Various possible supply locations 11,17,19 and discharge locations 18,20 for the liquid being treated are indicated in FIG. 1. All these are below the upper ends 21 of the tubes 2.
Supply inlets at location 17 or 19 make unnecessary the supply inlet at location 11 and thus also the use of the distribution plate 12. Discharge at location 20 has a particular advantage that it takes place at a level at which there are no granules so that the concentrated liquid does not have to be separated from entrained granules. It is clearly apparent in FIG. 1 that the openings 21 of the riser tubes in the upper tank lie above the location of the entry opening 22 of the return pipe 16, the level of the discharge connection 18 and the level of the fluidized granular mass in the upper tank 7. Likewise the entry openings 23 of the riser tubes 2 in the lower tank 8 are located lower than the possible inlet connection 19 and the possible outlet connection 20, but higher than the outlet opening 24 of the return pipe 16. It is indicated schematically that vapour sprays out of the tubes. The result of this is that the vapour formed in the riser pipes forms a rising film of liquid against the inner surfaces of the tubes 2, and the granules are located in this film. Unevaporated liquid and the granules flow over the upper edge 21 of the riser tubes onto the base of the upper tank formed by the plate 3.
FIG. 2 shows a modified form of the apparatus of FIG. 1 in which no inflow of the liquid to be concentrated occurs through into the base part 9. The flow distribution plate in the lower tank 8 is here embodied as a plate 25 with distributor pipes 26 mounted in it and projected above and below it. The liquid and granules flow through the pipes 26. The return pipe 16 empties below the distribution plate 25. By this means, the spaces directly under the header plate 4 and directly under the distribution plate 25 are free of granules. The supply of the liquid to be concentrated to the location 19 and discharge of the concentrated liquid at location 27 can then result in a favourable operational process.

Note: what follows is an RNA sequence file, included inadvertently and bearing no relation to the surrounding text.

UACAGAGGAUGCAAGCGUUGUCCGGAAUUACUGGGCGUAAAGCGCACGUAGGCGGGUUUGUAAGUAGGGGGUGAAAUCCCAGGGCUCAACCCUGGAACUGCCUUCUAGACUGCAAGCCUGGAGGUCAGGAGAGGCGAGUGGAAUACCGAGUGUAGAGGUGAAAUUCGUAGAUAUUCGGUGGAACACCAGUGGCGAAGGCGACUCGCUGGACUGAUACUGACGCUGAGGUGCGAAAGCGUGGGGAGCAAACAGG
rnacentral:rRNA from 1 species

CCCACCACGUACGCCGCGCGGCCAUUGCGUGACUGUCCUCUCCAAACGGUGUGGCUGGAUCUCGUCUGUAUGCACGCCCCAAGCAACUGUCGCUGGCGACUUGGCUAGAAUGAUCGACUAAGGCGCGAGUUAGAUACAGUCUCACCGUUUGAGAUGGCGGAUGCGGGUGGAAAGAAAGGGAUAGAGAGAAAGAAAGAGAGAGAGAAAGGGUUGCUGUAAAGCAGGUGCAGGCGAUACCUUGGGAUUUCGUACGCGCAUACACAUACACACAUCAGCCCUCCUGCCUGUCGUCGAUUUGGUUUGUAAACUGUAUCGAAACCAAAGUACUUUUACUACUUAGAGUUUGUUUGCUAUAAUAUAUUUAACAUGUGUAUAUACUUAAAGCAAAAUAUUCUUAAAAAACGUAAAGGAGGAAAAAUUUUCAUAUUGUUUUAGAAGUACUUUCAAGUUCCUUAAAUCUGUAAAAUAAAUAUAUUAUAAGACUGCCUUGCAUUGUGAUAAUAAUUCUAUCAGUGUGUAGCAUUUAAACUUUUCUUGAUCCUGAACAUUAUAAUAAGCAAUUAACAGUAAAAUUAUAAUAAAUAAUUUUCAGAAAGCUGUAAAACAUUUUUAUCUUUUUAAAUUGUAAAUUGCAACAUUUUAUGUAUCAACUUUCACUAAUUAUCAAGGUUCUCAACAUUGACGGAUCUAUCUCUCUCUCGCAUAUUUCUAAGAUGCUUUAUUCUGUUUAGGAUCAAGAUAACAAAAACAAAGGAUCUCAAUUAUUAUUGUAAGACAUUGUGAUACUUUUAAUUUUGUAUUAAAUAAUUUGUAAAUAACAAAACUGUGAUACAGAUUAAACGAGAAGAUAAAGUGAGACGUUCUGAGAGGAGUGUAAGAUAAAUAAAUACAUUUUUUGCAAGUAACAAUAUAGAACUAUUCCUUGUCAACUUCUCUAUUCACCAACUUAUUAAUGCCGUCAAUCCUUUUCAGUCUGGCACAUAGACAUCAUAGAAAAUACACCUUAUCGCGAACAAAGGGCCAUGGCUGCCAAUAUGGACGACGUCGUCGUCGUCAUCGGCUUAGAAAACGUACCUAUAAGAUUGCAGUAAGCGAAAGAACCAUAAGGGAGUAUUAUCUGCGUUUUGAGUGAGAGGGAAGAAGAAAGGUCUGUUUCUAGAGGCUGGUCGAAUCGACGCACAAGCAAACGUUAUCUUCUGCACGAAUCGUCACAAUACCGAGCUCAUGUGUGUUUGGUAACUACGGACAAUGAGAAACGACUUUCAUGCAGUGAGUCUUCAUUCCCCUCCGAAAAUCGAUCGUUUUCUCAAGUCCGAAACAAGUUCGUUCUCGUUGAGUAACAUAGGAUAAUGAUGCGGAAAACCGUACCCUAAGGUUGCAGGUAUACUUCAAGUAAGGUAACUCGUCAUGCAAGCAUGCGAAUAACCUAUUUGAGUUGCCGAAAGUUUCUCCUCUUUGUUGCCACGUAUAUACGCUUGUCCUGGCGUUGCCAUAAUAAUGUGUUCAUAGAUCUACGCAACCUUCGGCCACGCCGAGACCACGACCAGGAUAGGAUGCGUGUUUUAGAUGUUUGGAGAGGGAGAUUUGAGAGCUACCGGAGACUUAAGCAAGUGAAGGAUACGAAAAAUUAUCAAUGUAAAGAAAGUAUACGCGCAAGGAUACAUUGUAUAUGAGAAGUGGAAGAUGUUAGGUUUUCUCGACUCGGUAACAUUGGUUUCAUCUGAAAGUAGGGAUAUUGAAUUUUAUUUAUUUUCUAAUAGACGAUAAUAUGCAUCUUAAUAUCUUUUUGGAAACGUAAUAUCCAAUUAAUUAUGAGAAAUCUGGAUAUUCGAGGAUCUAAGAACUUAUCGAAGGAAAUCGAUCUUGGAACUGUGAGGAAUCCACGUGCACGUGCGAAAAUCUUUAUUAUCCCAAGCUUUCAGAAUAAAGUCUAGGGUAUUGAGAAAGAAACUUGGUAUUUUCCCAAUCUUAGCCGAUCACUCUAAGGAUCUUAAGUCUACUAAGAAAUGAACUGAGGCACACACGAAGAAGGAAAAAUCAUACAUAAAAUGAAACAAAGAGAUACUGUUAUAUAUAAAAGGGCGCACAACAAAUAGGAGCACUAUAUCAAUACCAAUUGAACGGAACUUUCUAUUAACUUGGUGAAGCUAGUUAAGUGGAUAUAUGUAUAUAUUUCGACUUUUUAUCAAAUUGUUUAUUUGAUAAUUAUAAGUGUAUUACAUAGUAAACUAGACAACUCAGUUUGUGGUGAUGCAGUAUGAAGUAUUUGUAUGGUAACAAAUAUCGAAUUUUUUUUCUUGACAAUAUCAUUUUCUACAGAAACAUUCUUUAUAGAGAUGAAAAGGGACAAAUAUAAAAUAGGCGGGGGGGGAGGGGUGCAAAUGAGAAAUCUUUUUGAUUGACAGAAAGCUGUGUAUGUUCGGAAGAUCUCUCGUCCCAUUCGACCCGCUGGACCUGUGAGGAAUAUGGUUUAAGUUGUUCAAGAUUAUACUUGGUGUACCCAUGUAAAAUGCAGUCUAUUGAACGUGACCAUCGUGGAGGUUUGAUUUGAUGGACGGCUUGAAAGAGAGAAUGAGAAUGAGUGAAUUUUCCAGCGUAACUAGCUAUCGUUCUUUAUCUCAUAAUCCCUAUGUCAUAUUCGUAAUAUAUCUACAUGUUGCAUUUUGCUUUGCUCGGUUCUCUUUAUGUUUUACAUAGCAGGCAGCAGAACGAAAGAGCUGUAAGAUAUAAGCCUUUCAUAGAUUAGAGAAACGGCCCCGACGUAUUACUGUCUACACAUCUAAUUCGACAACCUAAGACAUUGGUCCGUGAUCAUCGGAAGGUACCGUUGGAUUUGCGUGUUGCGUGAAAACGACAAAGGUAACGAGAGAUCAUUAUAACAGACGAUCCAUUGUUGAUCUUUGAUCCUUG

FIG. 3 shows an embodiment of the apparatus according to the invention in which there is no return line among the riser tubes 2. In place of this, a return line 29 is connected to the discharge connection 18 in the upper tank. Granules present occurring in the liquid removed via line 29 are separated in a cyclone 30, and the granule-free liquid is pumped away via a line 33 and a pump 34. This liquid is partly removed from the system via a discharge line 35 as a concentrated liquid, and partly conveyed via a valve 36 and a line 37 to an ejector 31, which sucks the granules separated in the cyclone 30 through a line 32. The liquid in the line 37 then washes the granules into the lower tank 8, completing the return path.
1. Apparatus for the concentration of a liquid by evaporation comprising
- (a) a heat exchanger having a plurality of upwardly extending riser tubes for flow of the liquid being treated, which tubes have open upper and lower ends and in use are contacted by a relatively hot medium for heat transfer to the liquid being treated,
- (b) upper and lower chambers respectively above and below the heat exchanger, the riser tubes opening at respectively their upper and lower ends into said upper and lower chambers, the upper chamber having a base and the riser tubes extending above that base,
- (c) a granular mass which is fluidizable in use by the flow of the liquid being treated so as to occupy at least the said riser tubes,
- (d) means for vapour collection and discharge from the upper chamber,